How consumer review data makes the "Jobs-To-Be-Done" Framework more accessible.
If you work in Consumer Insight, R&D or Innovation, you have likely run into the "jobs-to-be-done" framework.
At the risk of oversimplifying, the theory is based on the idea that people buy products and services to get a “job” done. By understanding in detail what that “job” is, your are far more likely to create a solution that will differentiate your product in the marketplace and, thus, drive business growth.
Or, as Asi Maura eloquently said in a recent article, a job-to-be-done is the instantiation of an unmet need or want (in response to a trigger).
Traditionally, to get too meaningful "jobs", researchers would conduct interviews - many, many, many, interviews. It cost time, money and manpower, making "jobs" research a luxury. But, as it is with the so many traditional methodologies that are being replaced by technology-enabled research, a faster, more powerful means of identifying "jobs" has emerged.
Instead talking to a handful of consumers in the real world, the new normal involves leveraging observational ethnographic research online. By analyzing millions and millions of consumer reviews, we can identify consumer painpoints across almost any product category.
Or, to borrow from Maura's language, we can identify an unmet need, with a clear definition of both the instant it pertains too and the trigger that has made it relevant to the consumer.
Even better, because we are studying millions of consumers, we can better calculate the number of consumers this relevant too, as well as look at the types of products that they have purchased in the past, in order to calculate how much "fixing the problem" is worth to them, meaning we can identify the most valuable "jobs".
Let's look at one example of how this can be accomplished.
Leveraging the MotiveBase Needs platform, we have created a dataset of product reviews for Dairy Products. Our goal? Identify an unmet need and build a Jobs Spec for "Shredded Cheese".
This was the search term we used to begin our search. After less than 15 seconds, the system has analyzed over 226 products where the consumer has discussed the usage of shredded cheese.
The AI anthropology engine, groups the most dominant painpoints and plots them so we can immediately focus on the upper right hand corner where the machine has grouped painpoints that are relevant to more consumers, and that the consumer is willing to pay more to eliminate or solve for.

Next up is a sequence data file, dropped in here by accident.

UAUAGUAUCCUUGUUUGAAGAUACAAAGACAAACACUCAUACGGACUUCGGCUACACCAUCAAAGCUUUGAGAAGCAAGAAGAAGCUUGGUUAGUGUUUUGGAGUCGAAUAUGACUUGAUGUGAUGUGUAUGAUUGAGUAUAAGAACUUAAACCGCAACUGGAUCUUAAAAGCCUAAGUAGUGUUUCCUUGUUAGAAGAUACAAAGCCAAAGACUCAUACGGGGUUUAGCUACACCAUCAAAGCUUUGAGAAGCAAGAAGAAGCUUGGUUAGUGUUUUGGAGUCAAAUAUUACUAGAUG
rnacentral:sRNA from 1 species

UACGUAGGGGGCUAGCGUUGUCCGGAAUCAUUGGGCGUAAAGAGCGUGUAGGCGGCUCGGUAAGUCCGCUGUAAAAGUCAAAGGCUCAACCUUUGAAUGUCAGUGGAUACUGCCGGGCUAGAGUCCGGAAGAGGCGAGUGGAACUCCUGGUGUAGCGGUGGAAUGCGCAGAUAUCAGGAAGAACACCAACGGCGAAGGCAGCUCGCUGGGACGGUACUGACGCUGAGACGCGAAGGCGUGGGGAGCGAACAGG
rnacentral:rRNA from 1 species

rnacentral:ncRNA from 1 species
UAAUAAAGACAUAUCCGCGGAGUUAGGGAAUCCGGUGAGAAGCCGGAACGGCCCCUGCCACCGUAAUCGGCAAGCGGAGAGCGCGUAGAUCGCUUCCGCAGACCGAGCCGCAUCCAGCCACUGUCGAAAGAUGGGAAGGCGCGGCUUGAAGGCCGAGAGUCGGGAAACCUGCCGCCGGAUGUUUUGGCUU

We can see the painpoint of "texture" and by clicking on that painpoint, the system identifies that this is relevant to almost 21% of shredded cheese consumers.
We can consumers see that this is relevant to consumers that over-index on young, 25-24 year-old single parents, in the middle class.
Most importantly, but looking at the reviews the consumer has shared, we are able to identify that this is largely a painpoint that emerges during dinner, when the consumer is rushing to make pasta, pizza and nachos.
As they rush to make the meal, the texture of the cheese can turn rubbery when it melts, or gritty when mixed in a pasta sauce.
Finally, we can click on "needs based segmentation" to identify the key motivation that is driving the needs of the consumer.
All of this can then be used to fill in a "Jobs" spec.
Everyday, consumers are revealing millions of painpoints in the product reviews they leave online. By marrying decades of social science theory with the latest in NLP and AI technology, solutions like the MotivBase Needs platform will make the "Jobs-to-be-done" framework more accessible and affordable.
And, in turn, it will make products more relevant and more desirable to the people that use your products.